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Extra resources for A Journey into Women’s Studies: Crossing Interdisciplinary Boundaries
She found gender equality to be an emerging political topic that caught her interest right away. At home, she and her husband were already practicing what we then knew as gender equality: taking turns every week to do the housework. Her own discipline – psychology – did not think much of feminist research, but did not prevent the psychology graduate students from taking up the women’s studies graduate course. Geraldine Forbes (Chapter 18), like many of the women of her time, had direct experience of gender discrimination in graduate school and many professional women’s groups were asking for institutional adjustments to accommodate women’s roles as wives and mothers.
Along the way, we won over many department chairs to the intellectual and budgetary value of women’s studies: cross-listing any course with women’s studies almost guaranteed that that course would have high levels of enrollment. Despite our structural limitations, our meetings were lively and often irreverent. Word soon got around campus that the women’s studies faculty group was where the intellectual action was. New Clark faculty – including, by the early 1980s, more and more young women and a few men – began to seek us out.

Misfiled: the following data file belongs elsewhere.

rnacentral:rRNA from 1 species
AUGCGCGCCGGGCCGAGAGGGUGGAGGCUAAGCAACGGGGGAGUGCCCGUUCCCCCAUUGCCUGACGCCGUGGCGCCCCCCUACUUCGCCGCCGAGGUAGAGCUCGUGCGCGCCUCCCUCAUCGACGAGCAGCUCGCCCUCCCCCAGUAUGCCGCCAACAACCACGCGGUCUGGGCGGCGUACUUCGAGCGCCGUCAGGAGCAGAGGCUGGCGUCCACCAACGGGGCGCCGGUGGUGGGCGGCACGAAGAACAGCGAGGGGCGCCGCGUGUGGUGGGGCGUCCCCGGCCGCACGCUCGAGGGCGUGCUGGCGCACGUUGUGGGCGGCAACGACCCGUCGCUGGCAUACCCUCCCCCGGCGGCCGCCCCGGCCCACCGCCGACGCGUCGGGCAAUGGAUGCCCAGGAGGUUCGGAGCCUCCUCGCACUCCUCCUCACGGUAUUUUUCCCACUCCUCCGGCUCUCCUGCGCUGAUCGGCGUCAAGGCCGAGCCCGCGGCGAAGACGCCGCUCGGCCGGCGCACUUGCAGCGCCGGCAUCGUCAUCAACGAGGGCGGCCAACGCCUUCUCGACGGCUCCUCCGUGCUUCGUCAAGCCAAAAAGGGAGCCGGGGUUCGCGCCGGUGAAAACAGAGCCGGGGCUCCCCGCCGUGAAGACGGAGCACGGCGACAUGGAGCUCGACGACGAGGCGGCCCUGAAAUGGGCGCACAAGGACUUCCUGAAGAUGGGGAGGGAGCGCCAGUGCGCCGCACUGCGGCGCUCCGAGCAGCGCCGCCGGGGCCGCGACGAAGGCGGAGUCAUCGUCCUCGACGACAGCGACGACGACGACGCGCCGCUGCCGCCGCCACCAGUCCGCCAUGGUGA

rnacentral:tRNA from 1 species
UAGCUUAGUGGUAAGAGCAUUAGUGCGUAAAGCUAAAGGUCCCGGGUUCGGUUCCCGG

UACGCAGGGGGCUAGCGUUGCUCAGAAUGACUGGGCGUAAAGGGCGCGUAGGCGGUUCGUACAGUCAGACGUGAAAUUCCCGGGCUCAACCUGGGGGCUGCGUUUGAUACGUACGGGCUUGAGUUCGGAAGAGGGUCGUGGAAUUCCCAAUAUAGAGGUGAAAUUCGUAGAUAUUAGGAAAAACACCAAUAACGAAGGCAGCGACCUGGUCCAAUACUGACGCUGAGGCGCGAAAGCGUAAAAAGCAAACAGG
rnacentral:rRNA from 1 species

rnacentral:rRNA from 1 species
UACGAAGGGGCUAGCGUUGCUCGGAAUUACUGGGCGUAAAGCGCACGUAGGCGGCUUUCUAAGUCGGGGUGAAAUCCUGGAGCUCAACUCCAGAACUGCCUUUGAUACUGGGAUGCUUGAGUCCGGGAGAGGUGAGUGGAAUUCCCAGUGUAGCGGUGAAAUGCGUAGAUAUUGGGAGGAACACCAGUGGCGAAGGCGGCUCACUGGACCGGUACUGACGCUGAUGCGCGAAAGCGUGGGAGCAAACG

Robinson, Victoria and Diane Richardson. ). Introducing Women’s Studies. London: Macmillan, 1997. Simpson, Catherine, R. Women’s Studies in the United States. New York: Ford Foundation, 1986, p. 51. Uberoi, Patricia. “Reciprocity in Social Science: Gender Issues,” The Indian Journal of Social Science, 6, no. 3, 1993, 243–258. ” This was the late 1960s, and my ignorance was not only stunning but, given my upbringing, it was downright odd. My California-born mother had gone to an all-women’s college, Mills, in the 1920s; she was one of the ﬁrst generation of young American women to come of age having the right to vote.